• As a Retail Refugee, I’ve had to work at getting my holiday spirit back. With the Little One in the house, skipping isn’t an option, but trying to teach her about True Giving is paramount.
      I don’t even shop online on Black Friday. I just recover…. 😉

      • I completely understand Marie. You know the things my boys remember and miss the most have nothing to do with the toys or the shopping but the traditions. A Christmas would not be a holiday in our home if we did not make the Pasta dome together as a family or decorate the tree together while listening to carols or decorate the gingerbread cookies. It is the little things that make it special.

  5. I have to say I have never heard of these sales before, but we have similar ones here on Boxing Day, the day after Christmas. I never go to them, if I want to see what they have, I wait a few days. I hate crowds.

    • It didn’t used to be like this. There were big sales on the day after Thanksgiving, but the stores opened at a normal hour, and there were no mad dashes. Sadly, it appears that enough folks showed up that next year they’ll do it all over again…

  6. I absolutely agree Marie and may I add, that this concept will work for just about everything. the ;power of the people. if they think that there is too much packaging don’t buy packaged veges, if there is too much plastic in the world gobbling up all the oil, don’t buy plastic, if they hate GM foods, don’t buy anything with dubious ingredients, if anyone thinks that there is too much pollution contributing to climate changes then walk, or turn your heating down, or turn your computer off at night. Take the chargers out of the wall when you are done. What you wrote is actually the KEY to change everywhere. We are powerful. And also darling girl when I first met you, you said to me – be kind to the staff and on the rare occassions that I do go into a big store I think of you and smile and give them all a big hullo .. especially the ladies with cold hands who work in the meat section! have a lovely, lovely day.. c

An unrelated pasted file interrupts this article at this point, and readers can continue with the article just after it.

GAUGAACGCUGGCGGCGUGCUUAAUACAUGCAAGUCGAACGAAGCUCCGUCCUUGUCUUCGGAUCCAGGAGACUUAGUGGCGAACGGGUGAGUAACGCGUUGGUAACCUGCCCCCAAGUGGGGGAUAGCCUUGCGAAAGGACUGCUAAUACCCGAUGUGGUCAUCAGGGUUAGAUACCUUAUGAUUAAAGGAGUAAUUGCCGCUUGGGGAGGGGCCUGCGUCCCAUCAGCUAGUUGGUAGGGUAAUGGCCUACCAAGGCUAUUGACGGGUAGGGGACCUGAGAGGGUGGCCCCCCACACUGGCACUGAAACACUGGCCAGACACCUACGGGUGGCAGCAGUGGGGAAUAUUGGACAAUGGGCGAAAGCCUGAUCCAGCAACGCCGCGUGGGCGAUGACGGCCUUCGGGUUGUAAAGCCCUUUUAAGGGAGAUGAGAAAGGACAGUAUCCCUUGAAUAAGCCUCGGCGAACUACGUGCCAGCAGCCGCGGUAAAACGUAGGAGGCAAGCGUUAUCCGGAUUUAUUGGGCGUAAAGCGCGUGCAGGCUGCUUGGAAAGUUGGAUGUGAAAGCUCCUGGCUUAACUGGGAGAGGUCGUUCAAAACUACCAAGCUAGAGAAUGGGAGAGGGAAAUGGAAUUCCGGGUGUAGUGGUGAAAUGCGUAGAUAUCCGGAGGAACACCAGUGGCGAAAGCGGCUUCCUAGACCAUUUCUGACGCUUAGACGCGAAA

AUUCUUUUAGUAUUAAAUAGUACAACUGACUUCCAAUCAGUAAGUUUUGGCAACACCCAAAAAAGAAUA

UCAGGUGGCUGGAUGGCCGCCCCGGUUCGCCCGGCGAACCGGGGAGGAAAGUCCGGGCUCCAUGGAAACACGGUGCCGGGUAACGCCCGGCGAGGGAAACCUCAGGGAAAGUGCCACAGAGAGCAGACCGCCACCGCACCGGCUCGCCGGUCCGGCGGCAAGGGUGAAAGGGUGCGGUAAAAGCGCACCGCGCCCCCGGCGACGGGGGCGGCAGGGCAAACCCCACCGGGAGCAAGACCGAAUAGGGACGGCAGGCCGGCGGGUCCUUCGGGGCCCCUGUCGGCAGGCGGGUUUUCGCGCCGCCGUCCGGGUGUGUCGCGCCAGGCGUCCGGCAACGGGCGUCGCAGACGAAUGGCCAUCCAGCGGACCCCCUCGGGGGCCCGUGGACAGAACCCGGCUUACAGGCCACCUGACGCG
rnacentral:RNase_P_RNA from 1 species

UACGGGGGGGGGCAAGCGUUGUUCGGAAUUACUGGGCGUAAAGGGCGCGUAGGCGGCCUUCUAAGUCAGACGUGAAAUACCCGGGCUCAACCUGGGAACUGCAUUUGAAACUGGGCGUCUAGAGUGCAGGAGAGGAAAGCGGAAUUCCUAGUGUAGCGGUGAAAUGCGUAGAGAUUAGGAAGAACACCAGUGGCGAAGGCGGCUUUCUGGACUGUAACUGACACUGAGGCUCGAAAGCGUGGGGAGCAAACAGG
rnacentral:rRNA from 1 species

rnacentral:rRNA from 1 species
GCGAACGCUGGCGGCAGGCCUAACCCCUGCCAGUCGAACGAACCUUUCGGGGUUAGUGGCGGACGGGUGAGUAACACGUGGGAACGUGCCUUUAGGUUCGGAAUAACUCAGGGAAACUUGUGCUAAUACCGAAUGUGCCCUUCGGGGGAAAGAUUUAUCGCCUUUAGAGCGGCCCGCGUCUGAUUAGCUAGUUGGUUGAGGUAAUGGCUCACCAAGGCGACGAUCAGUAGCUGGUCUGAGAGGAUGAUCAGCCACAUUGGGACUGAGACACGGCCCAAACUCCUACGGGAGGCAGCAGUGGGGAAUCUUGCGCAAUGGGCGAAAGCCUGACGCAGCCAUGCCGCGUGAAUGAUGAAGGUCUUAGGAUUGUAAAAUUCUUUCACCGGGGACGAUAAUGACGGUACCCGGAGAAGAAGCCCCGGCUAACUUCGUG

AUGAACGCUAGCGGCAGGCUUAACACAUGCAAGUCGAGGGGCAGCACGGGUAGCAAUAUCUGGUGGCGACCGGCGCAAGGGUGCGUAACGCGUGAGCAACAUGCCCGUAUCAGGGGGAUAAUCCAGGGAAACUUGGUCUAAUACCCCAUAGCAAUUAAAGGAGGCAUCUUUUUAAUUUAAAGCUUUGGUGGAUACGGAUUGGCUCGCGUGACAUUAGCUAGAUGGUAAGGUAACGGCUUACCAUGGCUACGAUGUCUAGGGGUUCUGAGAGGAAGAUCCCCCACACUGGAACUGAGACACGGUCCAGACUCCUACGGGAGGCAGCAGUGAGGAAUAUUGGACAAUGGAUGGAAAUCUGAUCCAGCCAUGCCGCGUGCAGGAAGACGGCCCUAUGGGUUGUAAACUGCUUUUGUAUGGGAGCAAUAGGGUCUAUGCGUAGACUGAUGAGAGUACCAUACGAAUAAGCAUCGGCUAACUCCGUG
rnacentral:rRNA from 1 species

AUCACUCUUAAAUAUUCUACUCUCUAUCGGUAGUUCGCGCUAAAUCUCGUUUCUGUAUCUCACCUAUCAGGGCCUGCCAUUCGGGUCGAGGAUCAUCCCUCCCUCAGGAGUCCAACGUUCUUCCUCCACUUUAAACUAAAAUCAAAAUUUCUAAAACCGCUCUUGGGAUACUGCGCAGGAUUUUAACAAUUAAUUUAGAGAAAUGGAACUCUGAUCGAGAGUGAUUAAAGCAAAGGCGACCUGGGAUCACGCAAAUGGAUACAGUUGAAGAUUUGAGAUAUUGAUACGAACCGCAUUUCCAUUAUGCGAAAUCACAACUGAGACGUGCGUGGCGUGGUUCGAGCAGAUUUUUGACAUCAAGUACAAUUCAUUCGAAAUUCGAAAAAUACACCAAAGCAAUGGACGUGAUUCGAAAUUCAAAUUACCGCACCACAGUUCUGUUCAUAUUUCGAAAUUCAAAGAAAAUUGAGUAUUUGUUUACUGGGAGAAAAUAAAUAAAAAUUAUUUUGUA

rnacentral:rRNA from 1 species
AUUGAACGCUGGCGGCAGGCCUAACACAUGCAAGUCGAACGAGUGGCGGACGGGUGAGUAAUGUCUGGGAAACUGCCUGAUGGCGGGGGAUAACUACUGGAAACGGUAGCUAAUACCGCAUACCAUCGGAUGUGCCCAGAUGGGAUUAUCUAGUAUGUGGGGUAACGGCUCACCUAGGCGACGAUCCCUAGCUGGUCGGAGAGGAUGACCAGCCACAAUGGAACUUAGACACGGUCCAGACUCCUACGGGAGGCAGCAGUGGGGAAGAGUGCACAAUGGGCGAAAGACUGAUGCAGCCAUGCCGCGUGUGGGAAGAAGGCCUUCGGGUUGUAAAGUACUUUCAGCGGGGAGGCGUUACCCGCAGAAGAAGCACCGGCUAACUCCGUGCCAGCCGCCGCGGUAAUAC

7. I have neve shopped on Thursday- our stores are not open in a conservative Baptist dominated town.,Even if the stores were open- I would not be there. I have never shopped on a black Friday either except to go to Pets Mart where I buy pet food. That store was not over-run with crazy people or I would have waited until Saturday. I have only gone x1 to Pets Mart on black Friday and that was late afternoon when I shopped.

    All of that shopping is too nuts for me- I want not part of it.

    • It isn’t just the Baptists – in Rhode Island the only businesses that can be open on Thanksgiving, by law, are restaurants, gas stations, and pharmacies. Which means all those chains running ads about being open on Thursday, opened at midnight instead. Which is still stupid, in my book.
      Thanks for your comment, Yvonne!